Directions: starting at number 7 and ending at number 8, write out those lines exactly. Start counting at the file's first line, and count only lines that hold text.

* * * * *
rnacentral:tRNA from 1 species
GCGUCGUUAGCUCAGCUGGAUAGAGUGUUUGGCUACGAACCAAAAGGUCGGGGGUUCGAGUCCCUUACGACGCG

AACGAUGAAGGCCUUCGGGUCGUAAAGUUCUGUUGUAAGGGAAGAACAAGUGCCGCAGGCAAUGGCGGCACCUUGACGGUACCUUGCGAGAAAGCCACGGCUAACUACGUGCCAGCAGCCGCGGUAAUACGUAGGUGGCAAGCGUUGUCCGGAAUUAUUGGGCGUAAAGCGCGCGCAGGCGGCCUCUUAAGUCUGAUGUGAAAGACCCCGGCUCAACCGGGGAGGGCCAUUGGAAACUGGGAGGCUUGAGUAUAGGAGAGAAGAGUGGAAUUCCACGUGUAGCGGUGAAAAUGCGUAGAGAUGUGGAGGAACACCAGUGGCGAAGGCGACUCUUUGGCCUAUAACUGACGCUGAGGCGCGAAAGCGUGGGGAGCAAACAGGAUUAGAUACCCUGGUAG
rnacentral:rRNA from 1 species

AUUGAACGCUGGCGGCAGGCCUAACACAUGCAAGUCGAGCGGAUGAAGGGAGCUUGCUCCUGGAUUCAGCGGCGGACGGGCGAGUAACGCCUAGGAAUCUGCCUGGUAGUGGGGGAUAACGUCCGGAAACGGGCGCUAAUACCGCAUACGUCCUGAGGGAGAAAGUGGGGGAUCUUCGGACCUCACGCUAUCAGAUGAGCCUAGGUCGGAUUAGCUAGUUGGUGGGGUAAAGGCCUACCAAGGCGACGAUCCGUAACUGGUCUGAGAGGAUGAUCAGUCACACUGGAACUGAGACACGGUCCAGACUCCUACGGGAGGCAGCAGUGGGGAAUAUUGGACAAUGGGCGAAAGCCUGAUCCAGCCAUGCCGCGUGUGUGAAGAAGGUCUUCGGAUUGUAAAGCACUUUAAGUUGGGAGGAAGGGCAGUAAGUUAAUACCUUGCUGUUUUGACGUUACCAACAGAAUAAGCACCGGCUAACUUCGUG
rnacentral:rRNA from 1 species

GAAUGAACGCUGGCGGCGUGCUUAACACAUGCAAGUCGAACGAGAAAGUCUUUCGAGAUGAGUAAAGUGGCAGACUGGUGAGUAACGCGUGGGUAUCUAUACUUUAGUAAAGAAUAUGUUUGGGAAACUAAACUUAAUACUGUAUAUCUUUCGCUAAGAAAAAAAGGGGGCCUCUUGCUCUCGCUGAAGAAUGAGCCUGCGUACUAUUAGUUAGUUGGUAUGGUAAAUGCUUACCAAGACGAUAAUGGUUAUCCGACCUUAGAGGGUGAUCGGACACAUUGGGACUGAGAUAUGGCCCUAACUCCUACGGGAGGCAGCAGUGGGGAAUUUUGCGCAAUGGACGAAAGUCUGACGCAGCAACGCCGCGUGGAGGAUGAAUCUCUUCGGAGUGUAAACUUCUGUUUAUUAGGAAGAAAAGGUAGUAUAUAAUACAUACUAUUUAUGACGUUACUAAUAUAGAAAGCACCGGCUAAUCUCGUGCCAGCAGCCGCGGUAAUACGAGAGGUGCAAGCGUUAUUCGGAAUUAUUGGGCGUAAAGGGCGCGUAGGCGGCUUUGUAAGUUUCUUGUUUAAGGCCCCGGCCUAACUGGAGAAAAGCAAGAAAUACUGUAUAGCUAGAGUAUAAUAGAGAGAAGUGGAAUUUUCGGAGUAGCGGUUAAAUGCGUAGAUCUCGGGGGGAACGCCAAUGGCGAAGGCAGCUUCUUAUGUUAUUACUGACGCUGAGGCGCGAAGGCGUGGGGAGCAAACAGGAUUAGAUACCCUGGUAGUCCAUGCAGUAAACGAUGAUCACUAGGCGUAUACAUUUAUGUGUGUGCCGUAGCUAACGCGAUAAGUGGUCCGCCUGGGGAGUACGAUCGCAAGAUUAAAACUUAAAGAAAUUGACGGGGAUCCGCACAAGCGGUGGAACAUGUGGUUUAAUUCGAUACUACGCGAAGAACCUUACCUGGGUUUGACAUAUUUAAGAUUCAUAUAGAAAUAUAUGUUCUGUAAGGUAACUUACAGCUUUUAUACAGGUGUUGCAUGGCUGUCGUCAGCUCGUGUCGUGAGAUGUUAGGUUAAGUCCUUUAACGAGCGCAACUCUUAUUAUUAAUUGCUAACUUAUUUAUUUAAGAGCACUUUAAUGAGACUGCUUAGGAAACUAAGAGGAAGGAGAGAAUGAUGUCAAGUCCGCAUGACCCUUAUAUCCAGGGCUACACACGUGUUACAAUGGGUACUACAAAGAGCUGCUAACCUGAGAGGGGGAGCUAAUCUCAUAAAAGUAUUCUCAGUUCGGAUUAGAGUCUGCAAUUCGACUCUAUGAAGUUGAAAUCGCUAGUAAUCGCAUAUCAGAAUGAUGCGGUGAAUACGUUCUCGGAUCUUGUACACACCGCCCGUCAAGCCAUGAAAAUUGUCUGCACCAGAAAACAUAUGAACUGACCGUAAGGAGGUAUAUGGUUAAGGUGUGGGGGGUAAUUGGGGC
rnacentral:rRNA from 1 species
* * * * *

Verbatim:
GAAUGAACGCUGGCGGCGUGCUUAACACAUGCAAGUCGAACGAGAAAGUCUUUCGAGAUGAGUAAAGUGGCAGACUGGUGAGUAACGCGUGGGUAUCUAUACUUUAGUAAAGAAUAUGUUUGGGAAACUAAACUUAAUACUGUAUAUCUUUCGCUAAGAAAAAAAGGGGGCCUCUUGCUCUCGCUGAAGAAUGAGCCUGCGUACUAUUAGUUAGUUGGUAUGGUAAAUGCUUACCAAGACGAUAAUGGUUAUCCGACCUUAGAGGGUGAUCGGACACAUUGGGACUGAGAUAUGGCCCUAACUCCUACGGGAGGCAGCAGUGGGGAAUUUUGCGCAAUGGACGAAAGUCUGACGCAGCAACGCCGCGUGGAGGAUGAAUCUCUUCGGAGUGUAAACUUCUGUUUAUUAGGAAGAAAAGGUAGUAUAUAAUACAUACUAUUUAUGACGUUACUAAUAUAGAAAGCACCGGCUAAUCUCGUGCCAGCAGCCGCGGUAAUACGAGAGGUGCAAGCGUUAUUCGGAAUUAUUGGGCGUAAAGGGCGCGUAGGCGGCUUUGUAAGUUUCUUGUUUAAGGCCCCGGCCUAACUGGAGAAAAGCAAGAAAUACUGUAUAGCUAGAGUAUAAUAGAGAGAAGUGGAAUUUUCGGAGUAGCGGUUAAAUGCGUAGAUCUCGGGGGGAACGCCAAUGGCGAAGGCAGCUUCUUAUGUUAUUACUGACGCUGAGGCGCGAAGGCGUGGGGAGCAAACAGGAUUAGAUACCCUGGUAGUCCAUGCAGUAAACGAUGAUCACUAGGCGUAUACAUUUAUGUGUGUGCCGUAGCUAACGCGAUAAGUGGUCCGCCUGGGGAGUACGAUCGCAAGAUUAAAACUUAAAGAAAUUGACGGGGAUCCGCACAAGCGGUGGAACAUGUGGUUUAAUUCGAUACUACGCGAAGAACCUUACCUGGGUUUGACAUAUUUAAGAUUCAUAUAGAAAUAUAUGUUCUGUAAGGUAACUUACAGCUUUUAUACAGGUGUUGCAUGGCUGUCGUCAGCUCGUGUCGUGAGAUGUUAGGUUAAGUCCUUUAACGAGCGCAACUCUUAUUAUUAAUUGCUAACUUAUUUAUUUAAGAGCACUUUAAUGAGACUGCUUAGGAAACUAAGAGGAAGGAGAGAAUGAUGUCAAGUCCGCAUGACCCUUAUAUCCAGGGCUACACACGUGUUACAAUGGGUACUACAAAGAGCUGCUAACCUGAGAGGGGGAGCUAAUCUCAUAAAAGUAUUCUCAGUUCGGAUUAGAGUCUGCAAUUCGACUCUAUGAAGUUGAAAUCGCUAGUAAUCGCAUAUCAGAAUGAUGCGGUGAAUACGUUCUCGGAUCUUGUACACACCGCCCGUCAAGCCAUGAAAAUUGUCUGCACCAGAAAACAUAUGAACUGACCGUAAGGAGGUAUAUGGUUAAGGUGUGGGGGGUAAUUGGGGC
rnacentral:rRNA from 1 species